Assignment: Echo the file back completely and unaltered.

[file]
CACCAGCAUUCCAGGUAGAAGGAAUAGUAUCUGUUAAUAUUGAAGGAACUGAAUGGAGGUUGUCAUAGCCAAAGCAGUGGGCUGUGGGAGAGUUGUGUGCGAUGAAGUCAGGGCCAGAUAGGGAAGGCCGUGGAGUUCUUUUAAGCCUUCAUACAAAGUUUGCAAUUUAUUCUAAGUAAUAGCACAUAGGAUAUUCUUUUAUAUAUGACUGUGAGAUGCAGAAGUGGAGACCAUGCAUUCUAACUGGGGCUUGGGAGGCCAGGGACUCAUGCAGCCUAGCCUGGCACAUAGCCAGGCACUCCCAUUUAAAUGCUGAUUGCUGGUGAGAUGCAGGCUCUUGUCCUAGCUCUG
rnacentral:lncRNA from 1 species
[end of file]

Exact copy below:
CACCAGCAUUCCAGGUAGAAGGAAUAGUAUCUGUUAAUAUUGAAGGAACUGAAUGGAGGUUGUCAUAGCCAAAGCAGUGGGCUGUGGGAGAGUUGUGUGCGAUGAAGUCAGGGCCAGAUAGGGAAGGCCGUGGAGUUCUUUUAAGCCUUCAUACAAAGUUUGCAAUUUAUUCUAAGUAAUAGCACAUAGGAUAUUCUUUUAUAUAUGACUGUGAGAUGCAGAAGUGGAGACCAUGCAUUCUAACUGGGGCUUGGGAGGCCAGGGACUCAUGCAGCCUAGCCUGGCACAUAGCCAGGCACUCCCAUUUAAAUGCUGAUUGCUGGUGAGAUGCAGGCUCUUGUCCUAGCUCUG
rnacentral:lncRNA from 1 species